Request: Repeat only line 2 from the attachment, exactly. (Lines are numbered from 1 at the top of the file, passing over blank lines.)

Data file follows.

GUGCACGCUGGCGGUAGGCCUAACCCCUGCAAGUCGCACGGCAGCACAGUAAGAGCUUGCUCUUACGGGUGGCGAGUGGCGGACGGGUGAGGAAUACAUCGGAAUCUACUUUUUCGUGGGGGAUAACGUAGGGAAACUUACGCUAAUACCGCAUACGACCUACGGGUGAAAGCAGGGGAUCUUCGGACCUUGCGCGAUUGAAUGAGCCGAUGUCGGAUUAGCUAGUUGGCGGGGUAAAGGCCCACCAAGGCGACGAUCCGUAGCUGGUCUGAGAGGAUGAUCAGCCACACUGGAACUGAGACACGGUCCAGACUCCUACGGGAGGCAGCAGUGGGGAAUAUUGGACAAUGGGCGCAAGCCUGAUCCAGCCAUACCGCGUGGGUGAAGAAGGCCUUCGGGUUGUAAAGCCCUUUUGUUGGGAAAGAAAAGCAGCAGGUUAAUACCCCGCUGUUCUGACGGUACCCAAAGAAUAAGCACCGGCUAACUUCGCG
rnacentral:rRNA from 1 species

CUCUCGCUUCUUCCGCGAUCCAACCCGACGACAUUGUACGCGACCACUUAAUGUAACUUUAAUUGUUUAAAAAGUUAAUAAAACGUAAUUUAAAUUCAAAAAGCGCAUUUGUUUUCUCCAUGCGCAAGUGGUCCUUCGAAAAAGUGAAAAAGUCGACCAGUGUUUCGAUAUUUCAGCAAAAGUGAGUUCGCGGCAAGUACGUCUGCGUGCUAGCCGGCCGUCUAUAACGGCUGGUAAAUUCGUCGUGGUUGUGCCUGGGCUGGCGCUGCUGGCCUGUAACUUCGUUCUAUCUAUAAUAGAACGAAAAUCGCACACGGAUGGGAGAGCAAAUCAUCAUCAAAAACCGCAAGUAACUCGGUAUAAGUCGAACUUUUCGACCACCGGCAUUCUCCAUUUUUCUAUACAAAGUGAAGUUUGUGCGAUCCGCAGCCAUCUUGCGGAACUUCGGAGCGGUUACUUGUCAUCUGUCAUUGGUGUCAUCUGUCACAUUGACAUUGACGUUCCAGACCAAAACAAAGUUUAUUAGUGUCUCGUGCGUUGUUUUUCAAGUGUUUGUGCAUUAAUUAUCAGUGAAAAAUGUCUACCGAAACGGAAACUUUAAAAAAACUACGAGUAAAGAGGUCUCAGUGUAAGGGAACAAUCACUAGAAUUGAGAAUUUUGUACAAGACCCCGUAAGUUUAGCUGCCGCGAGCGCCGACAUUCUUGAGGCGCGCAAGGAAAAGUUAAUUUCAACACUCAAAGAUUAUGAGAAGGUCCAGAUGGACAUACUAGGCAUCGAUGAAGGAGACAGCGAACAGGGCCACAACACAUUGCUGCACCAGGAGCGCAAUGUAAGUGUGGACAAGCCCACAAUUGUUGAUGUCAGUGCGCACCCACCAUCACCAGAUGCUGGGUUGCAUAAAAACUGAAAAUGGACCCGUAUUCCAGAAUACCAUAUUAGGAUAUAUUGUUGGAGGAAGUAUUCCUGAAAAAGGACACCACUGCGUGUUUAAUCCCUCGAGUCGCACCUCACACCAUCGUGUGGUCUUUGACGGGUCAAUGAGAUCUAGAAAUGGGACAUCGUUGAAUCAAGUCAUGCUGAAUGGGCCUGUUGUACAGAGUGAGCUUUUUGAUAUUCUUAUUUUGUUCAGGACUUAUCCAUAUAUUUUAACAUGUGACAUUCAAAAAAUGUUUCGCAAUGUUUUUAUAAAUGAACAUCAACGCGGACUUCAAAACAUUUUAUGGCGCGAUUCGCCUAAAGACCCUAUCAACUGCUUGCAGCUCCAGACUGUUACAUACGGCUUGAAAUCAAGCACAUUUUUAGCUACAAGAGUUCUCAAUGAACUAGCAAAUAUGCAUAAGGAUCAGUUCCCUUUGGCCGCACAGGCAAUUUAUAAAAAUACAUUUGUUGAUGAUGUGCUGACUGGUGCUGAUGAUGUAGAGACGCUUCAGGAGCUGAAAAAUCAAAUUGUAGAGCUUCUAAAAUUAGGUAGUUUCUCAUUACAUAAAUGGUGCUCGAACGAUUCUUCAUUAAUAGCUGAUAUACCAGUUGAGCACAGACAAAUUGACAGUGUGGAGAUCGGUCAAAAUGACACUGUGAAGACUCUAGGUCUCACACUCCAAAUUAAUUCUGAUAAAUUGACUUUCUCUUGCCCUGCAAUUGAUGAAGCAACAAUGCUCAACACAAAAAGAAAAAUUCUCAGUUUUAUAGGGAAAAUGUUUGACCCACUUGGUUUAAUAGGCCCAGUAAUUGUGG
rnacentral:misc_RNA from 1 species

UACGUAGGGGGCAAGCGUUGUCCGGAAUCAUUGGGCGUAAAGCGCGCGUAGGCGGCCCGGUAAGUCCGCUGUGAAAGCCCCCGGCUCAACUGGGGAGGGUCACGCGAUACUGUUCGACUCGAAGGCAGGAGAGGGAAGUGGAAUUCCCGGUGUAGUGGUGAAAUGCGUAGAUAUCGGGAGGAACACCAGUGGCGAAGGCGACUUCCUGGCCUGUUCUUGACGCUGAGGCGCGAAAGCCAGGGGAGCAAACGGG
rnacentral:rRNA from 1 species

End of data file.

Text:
rnacentral:rRNA from 1 species